Have you ever found a butterfly cocoon and tried to help the butterfly get free? The butterfly died because it needed the struggle of escaping from the cocoon to mature. Are you trying to save your kids from struggles and causing them harm?
Tim Elmore, founder of Growing Leaders, believes that “preparing tomorrow’s leaders today means equipping young people to do things without help, which translates into well-balanced adults and successful professionals at work.”
Tim Elmore suggests that over-parenting can do more damage than under-parenting. Parents can motivate kids by equipping them more than entertaining them. However, sometimes a parent’s well intentioned behavior actual slows down maturity.
As a parent, are you practicing these over protective behaviors that can stifle your teen’s maturity?
1. Keeping kids from risk
It’s a dangerous world, and parents want to protect their kids. However, healthy risk-taking behavior is a necessary part of growing up. Kids who don’t play outside, never experience skinned knees and a few bruises are more likely to develop phobias as they grow older. Kids need to fall down to learn balance. Teens need to break up a few boyfriends or girlfriends to understand the emotional maturity that lasting relationships require. When parents remove risk from children’s lives, kids can grow into adults who possess a high level of arrogance and low self-esteem.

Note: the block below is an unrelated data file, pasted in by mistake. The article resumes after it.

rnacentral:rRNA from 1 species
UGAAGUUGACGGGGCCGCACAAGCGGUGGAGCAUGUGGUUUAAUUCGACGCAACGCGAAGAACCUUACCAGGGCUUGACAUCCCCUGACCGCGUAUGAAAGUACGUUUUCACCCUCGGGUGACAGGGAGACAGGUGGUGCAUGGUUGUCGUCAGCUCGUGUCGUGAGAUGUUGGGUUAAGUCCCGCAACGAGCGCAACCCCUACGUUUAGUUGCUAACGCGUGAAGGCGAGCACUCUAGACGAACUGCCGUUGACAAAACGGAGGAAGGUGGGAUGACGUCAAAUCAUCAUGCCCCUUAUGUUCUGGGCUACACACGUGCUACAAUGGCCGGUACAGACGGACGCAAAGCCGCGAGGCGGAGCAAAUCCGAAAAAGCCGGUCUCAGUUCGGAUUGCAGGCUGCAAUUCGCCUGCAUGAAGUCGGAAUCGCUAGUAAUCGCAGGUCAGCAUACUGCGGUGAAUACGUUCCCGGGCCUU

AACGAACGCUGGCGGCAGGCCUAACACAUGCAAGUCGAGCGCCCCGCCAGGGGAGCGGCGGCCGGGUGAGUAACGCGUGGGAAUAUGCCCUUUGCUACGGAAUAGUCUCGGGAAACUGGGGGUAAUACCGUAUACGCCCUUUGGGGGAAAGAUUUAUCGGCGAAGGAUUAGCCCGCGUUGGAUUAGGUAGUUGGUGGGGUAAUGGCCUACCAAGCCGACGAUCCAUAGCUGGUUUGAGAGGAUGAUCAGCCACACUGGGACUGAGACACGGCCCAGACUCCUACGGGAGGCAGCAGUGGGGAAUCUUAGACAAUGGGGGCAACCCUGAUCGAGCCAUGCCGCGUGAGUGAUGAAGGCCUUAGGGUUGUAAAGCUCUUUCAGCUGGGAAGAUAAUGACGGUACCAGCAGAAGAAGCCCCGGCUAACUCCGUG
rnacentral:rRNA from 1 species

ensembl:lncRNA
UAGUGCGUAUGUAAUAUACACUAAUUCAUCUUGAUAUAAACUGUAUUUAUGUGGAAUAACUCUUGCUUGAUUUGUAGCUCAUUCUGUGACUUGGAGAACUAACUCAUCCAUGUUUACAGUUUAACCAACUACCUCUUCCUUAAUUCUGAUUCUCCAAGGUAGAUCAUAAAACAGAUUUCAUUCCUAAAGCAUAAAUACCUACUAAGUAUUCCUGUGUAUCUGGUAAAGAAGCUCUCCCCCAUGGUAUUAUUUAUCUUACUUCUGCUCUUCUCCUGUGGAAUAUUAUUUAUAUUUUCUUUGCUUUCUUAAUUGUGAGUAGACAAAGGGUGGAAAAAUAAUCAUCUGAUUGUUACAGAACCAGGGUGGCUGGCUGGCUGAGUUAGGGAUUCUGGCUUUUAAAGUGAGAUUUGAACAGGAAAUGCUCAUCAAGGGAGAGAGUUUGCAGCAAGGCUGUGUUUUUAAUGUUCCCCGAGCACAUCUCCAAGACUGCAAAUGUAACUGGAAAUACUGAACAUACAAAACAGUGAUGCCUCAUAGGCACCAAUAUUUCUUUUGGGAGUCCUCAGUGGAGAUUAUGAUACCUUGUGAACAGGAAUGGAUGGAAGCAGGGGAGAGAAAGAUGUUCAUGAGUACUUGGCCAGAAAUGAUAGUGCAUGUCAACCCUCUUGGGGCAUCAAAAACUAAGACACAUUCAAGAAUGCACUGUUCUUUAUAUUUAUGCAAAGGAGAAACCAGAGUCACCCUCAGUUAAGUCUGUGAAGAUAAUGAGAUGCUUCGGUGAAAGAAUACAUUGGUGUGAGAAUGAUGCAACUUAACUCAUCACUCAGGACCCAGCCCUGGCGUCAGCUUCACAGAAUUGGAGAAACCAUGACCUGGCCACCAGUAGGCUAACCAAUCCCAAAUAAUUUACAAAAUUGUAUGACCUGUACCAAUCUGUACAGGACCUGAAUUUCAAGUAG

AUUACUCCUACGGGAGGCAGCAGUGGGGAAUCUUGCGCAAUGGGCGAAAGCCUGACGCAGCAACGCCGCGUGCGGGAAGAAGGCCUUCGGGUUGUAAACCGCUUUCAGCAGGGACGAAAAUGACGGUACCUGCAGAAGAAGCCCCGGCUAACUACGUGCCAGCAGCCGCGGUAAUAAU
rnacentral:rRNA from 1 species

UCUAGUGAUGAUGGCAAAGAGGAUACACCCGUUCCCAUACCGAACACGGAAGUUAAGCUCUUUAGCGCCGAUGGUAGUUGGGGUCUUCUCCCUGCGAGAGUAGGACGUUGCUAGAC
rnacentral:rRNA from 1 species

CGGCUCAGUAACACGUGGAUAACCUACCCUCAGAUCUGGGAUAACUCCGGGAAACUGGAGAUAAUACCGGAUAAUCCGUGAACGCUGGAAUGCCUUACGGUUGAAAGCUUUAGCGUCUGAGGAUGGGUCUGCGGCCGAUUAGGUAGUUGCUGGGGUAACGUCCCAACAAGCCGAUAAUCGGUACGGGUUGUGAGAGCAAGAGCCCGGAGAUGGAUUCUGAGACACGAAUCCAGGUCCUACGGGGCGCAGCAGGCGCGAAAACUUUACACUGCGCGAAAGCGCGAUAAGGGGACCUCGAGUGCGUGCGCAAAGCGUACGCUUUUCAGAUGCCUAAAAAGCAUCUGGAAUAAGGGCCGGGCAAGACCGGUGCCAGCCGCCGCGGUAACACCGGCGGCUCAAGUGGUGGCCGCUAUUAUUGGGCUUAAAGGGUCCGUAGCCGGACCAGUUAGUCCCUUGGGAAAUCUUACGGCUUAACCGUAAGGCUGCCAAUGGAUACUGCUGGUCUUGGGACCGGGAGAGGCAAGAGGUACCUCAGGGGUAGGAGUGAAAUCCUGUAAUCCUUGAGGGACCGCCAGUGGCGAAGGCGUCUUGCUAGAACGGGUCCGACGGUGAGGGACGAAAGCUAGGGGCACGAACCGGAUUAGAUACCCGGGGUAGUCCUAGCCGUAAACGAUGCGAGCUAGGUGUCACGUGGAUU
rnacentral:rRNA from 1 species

2 Rescuing kids too quickly
Kids today have not developed that same life skills are their peers did 30-40 years ago. Parents tend to solve and take care of problems for their kids instead of letting kids make tough choices and make mistakes. When parents consistently rescue their kids, kids become accustom to the rescue. Instead of learning disappointment and overcoming obstacles, kids sit back and wait for someone else to help them.
3. Praising too lavishly
Parents want to develop self-esteem in their kids. However, many parents and mentors push this over the top. Instead of letting kids experience loss and failure, teachers, parents and coaches lean towards giving every child a reward of some sort. For awhile kids do feel special, but as kids grow, they begin to observe real world interactions. They learn that only mom and dad think they are wonderful, and develop a lack of trust in their parent’s judgments.
4. Not enforcing boundaries
Sometimes it is easier to give in to a kid’s tantrum, but in the end this leads to no good. When kids learn they can yell and avoid consequences, obedience and family life falls onto the back burner. Don’t be afraid to say ‘no’. Set goals and expectations and stick to them. Let you kids know the consequences of disobedience. And last, don’t reward your kids when they meet expectations. Thank them for listening, praise them for good grades, but don’t buy presents or overreact when kids obey and meet the expectations. It is what they are supposed to do.
Want to learn more? Visit Tim Elmore-Growing Leaders